Letters of recommendation are often required for various purposes bringing plenty of trouble to those who write them. If you were asked to write one, don’t panic. There are a few things you should bear in mind that will make the process easier.
First and foremost, do not be too shy or too polite to refuse. If you feel that you have nothing to tell about the person recommended, as you’ve never worked that close, say so. It will be much easier for everyone if you just refuse politely, rather than force yourself to write a ‘dead’ formal letter.
If you are, however, willing and in the position to write the letter, start with finding out where it is bound to. If it is a part of a job application, look through the job description and decide which qualities you should stress out in your writing. It will also make the letter more personal.
Abide by formalities. Start your letter with stating your name and address, then the recipient’s name, his/her address, and finally the formal greeting.
Describe how you know the person recommended, what your relations were and why you are able to give this recommendation. In the ideal case, you should be his or her boss or at least a supervisor.
Name the qualities of the person you want to stress out, illustrate them with your own experiences and explain why they will do great for the recipient’s company. Be quite eloquent at this stage – more paragraphs mean more concern on your part.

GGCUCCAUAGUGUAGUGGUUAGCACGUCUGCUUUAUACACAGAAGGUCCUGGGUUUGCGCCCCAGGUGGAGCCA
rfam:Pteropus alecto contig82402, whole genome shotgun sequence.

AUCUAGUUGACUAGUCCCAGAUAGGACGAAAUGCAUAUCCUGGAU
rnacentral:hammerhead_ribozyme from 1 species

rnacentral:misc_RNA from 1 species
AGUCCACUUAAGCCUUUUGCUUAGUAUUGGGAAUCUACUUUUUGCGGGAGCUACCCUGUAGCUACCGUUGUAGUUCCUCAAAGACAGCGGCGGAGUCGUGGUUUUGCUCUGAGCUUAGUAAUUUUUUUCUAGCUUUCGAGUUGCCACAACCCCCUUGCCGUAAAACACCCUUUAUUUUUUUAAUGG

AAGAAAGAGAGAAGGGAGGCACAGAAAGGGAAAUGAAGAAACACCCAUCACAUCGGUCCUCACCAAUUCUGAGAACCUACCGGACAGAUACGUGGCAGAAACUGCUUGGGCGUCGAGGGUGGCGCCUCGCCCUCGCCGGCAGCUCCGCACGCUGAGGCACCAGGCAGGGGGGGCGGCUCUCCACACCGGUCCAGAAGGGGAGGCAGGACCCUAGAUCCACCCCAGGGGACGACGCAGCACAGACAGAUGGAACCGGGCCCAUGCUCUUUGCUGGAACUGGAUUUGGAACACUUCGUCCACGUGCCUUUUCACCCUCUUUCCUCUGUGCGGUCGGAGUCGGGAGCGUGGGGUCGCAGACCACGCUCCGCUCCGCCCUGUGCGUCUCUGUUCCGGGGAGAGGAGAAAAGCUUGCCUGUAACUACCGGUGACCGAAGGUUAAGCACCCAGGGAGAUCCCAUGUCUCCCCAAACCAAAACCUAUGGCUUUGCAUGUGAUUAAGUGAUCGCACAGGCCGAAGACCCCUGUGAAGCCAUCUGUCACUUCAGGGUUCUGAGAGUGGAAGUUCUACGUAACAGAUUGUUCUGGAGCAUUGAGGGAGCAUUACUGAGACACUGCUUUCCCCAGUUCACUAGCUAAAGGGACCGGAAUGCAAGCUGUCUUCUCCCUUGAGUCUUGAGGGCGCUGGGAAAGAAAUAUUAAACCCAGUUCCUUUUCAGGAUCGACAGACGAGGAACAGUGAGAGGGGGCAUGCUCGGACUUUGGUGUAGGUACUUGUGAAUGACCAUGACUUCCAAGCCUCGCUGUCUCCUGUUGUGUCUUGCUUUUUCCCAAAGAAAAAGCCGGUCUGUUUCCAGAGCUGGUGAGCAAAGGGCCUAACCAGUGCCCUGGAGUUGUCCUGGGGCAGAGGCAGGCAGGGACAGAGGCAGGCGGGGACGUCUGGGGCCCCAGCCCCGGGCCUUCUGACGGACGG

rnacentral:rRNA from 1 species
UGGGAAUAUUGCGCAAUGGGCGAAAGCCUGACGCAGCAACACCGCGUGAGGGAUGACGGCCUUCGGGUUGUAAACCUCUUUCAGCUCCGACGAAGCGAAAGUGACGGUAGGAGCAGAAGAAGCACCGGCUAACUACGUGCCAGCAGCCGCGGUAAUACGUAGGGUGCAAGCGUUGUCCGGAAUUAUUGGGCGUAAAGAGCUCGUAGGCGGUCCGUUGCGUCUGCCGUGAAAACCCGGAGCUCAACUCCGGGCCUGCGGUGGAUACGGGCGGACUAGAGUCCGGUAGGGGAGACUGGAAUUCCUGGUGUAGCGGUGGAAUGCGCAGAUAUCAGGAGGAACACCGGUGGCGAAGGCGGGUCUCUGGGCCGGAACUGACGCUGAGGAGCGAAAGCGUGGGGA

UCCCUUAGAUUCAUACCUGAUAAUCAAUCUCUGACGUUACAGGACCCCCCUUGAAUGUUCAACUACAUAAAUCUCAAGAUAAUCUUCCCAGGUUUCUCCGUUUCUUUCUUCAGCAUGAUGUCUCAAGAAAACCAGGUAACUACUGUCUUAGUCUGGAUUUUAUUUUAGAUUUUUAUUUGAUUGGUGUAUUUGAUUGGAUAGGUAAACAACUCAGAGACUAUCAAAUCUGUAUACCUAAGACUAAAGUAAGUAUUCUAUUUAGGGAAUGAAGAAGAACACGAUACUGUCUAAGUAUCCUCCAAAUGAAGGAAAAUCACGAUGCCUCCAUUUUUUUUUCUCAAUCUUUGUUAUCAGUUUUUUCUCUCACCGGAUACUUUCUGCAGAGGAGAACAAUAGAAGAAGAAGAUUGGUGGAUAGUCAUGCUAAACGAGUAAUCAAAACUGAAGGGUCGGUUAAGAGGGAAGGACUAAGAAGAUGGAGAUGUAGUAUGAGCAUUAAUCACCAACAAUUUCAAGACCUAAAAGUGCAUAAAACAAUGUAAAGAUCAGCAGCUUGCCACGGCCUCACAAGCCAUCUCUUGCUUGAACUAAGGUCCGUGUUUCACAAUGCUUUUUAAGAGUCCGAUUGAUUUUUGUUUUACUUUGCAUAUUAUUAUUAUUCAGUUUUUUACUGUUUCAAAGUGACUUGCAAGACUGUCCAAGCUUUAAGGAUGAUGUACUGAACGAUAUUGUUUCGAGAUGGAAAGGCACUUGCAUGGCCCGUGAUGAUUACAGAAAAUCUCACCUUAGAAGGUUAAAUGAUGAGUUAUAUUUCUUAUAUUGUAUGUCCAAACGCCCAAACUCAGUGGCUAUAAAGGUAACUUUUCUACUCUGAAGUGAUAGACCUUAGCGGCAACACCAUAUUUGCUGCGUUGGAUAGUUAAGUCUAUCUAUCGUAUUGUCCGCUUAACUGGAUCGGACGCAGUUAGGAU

If the person has any week sides, name them briefly and point out that he has been working very diligently to improve them. Do not make the object of your recommendation look perfect. The recipient will hardly believe you and thus will have prejudice against the candidate.
Be specific and illustrative. Make comparisons and give a description of the person’s achievements and the way they benefitted your company.
End with restating that the candidate you are writing about will become a valuable asset for a particular company and welcome the recipient to contact you in case of any questions.